"The blinds on this refuge allow four hunters, and sometimes a hunting party will have only two or three," Thompson says. "When I'm not lucky enough to draw a blind in the lottery system, I may ask if I can join one of these short-handed hunting parties. It doesn't hurt to ask. On the other hand, if I have a lottery spot and I'm hunting alone, I don't hesitate to ask other hunters to join me. There are many benefits to doing this."

One big plus is finding new hunting partners, says Thompson, who has seen his waterfowling opportunities expand along with his list of newfound friends. "Several of the people I hunt with regularly now are guys I've met while partnering on refuge hunts," he says. "Pooling resources can also improve your odds by increasing the size of your decoy spread. Setting out a spread that's larger than the typical rig can make a difference on public land." 

Call as a Team

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Photo © JIM THOMPSON

 

As a world duck calling champion, Jim Ronquest has an obvious advantage over the masses of waterfowlers who hunt the public flooded timber near his hometown of Stuttgart, Arkansas. Even so, the producer of RNT-V is a big believer in the importance of working in tandem with the other callers in your duck blind to finish wary late-season birds.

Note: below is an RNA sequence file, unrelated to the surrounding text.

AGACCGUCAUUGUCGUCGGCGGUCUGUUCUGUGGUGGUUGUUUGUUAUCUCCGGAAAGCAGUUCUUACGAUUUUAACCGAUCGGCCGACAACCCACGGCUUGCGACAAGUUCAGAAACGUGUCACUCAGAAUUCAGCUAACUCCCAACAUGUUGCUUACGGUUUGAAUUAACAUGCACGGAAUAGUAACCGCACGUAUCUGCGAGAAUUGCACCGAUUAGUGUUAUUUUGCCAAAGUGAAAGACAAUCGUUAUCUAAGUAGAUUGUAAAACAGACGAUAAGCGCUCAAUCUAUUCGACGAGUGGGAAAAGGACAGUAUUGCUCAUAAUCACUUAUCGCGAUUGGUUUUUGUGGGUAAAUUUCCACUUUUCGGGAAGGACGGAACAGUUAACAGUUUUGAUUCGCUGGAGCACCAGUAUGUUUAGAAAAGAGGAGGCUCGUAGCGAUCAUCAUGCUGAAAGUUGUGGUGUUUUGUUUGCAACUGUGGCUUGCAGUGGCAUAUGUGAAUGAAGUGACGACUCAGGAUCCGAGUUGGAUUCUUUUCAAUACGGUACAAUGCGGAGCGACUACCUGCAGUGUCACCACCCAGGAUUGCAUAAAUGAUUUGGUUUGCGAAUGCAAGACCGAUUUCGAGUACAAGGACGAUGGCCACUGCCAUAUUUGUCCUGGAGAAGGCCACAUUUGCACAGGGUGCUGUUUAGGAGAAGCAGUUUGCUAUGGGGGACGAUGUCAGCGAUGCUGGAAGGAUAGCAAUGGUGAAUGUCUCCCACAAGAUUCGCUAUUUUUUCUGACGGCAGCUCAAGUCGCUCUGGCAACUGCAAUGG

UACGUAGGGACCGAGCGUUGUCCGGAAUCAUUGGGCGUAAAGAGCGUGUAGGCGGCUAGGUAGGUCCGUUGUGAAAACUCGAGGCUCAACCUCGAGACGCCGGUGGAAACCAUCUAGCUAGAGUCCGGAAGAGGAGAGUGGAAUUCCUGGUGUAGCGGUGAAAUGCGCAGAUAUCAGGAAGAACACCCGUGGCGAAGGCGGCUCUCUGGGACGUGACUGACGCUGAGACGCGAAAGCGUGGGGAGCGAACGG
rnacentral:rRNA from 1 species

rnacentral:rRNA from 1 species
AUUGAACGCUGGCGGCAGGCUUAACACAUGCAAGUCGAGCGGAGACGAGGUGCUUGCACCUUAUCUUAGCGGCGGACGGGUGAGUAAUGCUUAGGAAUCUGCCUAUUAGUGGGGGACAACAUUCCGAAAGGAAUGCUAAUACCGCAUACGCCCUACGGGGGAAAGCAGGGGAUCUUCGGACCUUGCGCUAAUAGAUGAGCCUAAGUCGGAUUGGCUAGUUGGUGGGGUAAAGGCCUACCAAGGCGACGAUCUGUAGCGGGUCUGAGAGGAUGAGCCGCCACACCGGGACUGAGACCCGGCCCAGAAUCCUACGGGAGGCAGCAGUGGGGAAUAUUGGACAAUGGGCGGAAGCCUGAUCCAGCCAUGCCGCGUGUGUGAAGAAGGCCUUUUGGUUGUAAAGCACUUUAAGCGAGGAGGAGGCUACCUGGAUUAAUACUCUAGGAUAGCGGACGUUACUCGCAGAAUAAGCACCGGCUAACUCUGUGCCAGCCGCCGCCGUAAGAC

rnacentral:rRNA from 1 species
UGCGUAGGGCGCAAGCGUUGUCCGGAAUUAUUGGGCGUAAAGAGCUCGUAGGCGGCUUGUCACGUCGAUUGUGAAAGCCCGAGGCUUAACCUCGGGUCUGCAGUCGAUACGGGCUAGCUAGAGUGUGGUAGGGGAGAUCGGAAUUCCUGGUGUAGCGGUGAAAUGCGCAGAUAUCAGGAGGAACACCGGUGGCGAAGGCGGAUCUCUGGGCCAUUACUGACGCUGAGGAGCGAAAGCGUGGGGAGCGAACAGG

"If you typically hunt with the same guys, learning how to work together when calling will benefit you," he says. "Try not to call on top of one another. If I'm blowing a call, wait until I'm done before you start—otherwise all those calls will run together."

After years of hunting together, Ronquest and his crew know how to read and work ducks as a team by synchronizing their calling routine. "If pressured ducks are responding and your partner hits them with a good lick and they turn back into the wind, don't feel like you have to call," he says. "Your timing may be off and you'll push those ducks away from the hole. Reading the ducks' reactions and having the ability to call as a team makes a big difference in finishing a flock."